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What is it about nice people that attract total idiots?Nice people are martyrs. Idiots are evangelists.


Friday, November 22, 2013

Time Machine week 95

It's November, 22, 1971.  Yesterday, the Indian Air Force inflicted a defeat on their Pakistani counterparts as the two nations edged closer towards confrontation in Pakistan's civil war, in the tiny river neck of Boyra.  One of the Pakistani pilots shot down and captured would eventually (in 1996) become Pakistan's Chief of Air Staff; the pilot who shot him down sent him a nice congratulatory letter, thinking that he'd never hear back- but the CoAS sent back a letter, thanking him for the wishes and commending him on his skill in the air.

Today, Idaho's Supreme Court threw out an old law that said that in the presence of multiple applicants to the estate of a dead child, the male applicants take precedence.  In the case at hand, the father was a little more than indirectly involved in the death, and the lower judge was trying to award power over the estate to him.

In two days, a man known to legend as DB Cooper would leap from a plane into mystery as the first man to hijack a plane.  Who he was, whether he survived, and where all the money went is still a matter for conjecture.

artists depiction of "Cooper"- who may have gotten his name from a Dutch comic book...

And now, you're reading Time Machine for this week, where we'll look at the many faces of Will You Love Me Tomorrow; the band that ALMOST had Janis Joplin for a singer, and why; and four new members of the top ten, including two that make leaps of at least 12 notches!  Ready, aim, fire!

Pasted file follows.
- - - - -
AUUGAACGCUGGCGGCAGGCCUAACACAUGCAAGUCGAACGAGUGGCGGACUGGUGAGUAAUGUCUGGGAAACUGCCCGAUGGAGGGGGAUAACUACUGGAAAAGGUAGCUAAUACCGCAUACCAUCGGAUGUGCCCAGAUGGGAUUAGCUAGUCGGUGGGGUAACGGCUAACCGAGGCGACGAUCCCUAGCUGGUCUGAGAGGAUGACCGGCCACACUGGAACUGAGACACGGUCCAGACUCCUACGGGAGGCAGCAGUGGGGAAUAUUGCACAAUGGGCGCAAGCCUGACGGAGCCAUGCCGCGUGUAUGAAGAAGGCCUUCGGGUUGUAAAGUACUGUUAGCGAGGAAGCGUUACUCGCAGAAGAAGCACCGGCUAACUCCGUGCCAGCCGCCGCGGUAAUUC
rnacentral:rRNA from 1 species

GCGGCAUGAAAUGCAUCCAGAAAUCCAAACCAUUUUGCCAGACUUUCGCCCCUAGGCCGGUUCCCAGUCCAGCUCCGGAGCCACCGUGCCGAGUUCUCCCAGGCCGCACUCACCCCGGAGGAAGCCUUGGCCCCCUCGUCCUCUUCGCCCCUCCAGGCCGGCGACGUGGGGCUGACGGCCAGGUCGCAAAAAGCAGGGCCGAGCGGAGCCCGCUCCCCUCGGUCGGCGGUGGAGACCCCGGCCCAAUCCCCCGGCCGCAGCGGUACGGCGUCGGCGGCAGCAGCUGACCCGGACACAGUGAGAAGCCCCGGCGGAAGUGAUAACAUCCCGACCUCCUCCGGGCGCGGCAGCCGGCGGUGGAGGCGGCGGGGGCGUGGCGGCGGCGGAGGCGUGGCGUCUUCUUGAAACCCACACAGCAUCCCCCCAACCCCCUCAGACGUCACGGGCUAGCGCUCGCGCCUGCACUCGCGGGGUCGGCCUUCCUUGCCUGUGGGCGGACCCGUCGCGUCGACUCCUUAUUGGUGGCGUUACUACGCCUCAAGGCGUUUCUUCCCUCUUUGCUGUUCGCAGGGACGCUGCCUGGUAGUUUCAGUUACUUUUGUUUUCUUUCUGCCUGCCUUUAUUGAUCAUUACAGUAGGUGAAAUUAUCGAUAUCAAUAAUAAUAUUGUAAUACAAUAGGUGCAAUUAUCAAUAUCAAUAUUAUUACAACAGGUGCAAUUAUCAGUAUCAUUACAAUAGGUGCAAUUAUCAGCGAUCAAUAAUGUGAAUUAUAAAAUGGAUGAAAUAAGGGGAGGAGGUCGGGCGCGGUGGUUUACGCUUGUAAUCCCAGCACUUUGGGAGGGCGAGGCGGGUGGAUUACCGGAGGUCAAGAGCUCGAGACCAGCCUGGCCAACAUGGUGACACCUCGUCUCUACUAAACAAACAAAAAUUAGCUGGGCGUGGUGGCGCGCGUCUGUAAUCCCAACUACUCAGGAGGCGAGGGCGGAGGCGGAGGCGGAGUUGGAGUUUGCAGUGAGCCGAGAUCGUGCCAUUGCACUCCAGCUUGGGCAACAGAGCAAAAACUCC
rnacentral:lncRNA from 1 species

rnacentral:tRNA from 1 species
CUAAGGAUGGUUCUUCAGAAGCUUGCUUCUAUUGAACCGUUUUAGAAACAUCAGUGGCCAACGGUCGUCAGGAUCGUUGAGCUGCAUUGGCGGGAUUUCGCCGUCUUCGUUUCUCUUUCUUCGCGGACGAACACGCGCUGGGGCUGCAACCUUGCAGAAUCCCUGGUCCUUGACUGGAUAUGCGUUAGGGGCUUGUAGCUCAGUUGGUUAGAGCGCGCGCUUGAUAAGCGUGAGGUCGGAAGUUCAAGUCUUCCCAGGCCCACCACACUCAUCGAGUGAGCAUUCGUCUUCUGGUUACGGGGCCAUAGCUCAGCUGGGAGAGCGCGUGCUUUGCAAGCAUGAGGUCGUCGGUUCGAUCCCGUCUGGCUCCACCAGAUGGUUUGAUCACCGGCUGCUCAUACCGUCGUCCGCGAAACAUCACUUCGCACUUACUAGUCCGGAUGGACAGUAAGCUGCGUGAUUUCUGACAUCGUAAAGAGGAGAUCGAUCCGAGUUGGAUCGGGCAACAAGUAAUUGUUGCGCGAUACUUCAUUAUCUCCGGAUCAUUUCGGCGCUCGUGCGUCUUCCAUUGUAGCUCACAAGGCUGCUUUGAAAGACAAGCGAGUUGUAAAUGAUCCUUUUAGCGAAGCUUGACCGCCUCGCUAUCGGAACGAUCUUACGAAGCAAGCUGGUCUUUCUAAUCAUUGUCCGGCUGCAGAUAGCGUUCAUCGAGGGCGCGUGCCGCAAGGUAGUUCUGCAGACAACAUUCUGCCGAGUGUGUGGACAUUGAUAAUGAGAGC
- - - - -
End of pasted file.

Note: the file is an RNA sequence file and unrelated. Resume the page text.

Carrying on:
So let's open the fun as always  with the #1s around the world.  Three changes this week internationally:  France  has at the top of its chart one Michel Sardou with his tune La Rire du Sergent
(The Laughing Sergeant).  Sardou is another artist to owed his fame initially to being banned; his first hit was Les Ricains (The Yankees) in which he, in light of anti-American sentiment over Vietnam and France's pull out from NATO, reminded Frenchmen of the debt owed to America.  The subject did not find favour with DeGaulle, and he "suggested" that the song not be played.  Sardot, the scion of theater star parents, has gone on to make a career of edgy political views.

Also new at the tops Over There, Ireland has adopted the UK #1 Cuz I Love You by Slade (a very good song, a la Come On Eileen);  and New Zealand will spend the rest of the year with Uncle Albert/Admiral Halsey on top.

In the US of A, a consensus has formed behind the Shaft theme; LA, both Chicagos, and one Minneapolis station has Isaac Hayes at the top.  Detroit is united behind Family Affair; the other Minneapolis station has Baby I'm-A Want You, and Pittsburgh favours Have You Seen Her.  (Why am I using the English spelling of favour today?  Because it pisses my spell-check off.

"I say, Mr. Davis, I had no idea we were so popular in the Motor City..."

This week, we had 12 hot 100 debuts, of which I'll mention three.  At #61, Rod Stewart and the Faces hit with their version of (I Know I'm) Losing You;  at 86, it's rare Earth with one of their best, Hey Big Brother; and Betty Wright at 89 with her big hit Clean Up Woman.  Here's a didja know-  Wright was a member of a family gospel outfit called the Echoes Of Joy; as such, she was singing professionally at the age of 2, and discovered George and Gwen McRae when she was 14!

Oh, and something else I should mention at this point, kind of an Almost But Not Quite- Mamy Blue, the Pop Tops version, has peaked at #68 on the Cashbox countdown.  But is still on top in at least 8 other countries...